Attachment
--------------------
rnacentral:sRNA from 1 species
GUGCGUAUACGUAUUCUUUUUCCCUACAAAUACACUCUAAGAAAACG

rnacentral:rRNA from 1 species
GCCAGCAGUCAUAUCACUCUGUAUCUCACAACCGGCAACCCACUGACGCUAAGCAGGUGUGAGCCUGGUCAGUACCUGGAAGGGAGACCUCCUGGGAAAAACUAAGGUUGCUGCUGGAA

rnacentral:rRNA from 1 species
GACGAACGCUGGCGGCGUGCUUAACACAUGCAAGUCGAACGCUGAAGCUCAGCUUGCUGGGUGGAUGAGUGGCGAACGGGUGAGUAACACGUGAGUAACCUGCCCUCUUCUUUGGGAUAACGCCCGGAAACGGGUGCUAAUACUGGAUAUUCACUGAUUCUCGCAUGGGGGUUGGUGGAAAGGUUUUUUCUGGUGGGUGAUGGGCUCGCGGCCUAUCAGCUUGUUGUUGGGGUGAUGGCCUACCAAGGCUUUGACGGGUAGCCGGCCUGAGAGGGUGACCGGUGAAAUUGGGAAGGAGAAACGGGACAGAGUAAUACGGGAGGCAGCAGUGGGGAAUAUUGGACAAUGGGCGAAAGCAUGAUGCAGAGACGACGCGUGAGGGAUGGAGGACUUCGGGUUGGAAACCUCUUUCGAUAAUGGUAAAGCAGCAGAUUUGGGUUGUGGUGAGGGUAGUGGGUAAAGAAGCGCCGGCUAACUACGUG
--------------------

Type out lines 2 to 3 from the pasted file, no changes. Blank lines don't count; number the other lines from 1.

GUGCGUAUACGUAUUCUUUUUCCCUACAAAUACACUCUAAGAAAACG

rnacentral:rRNA from 1 species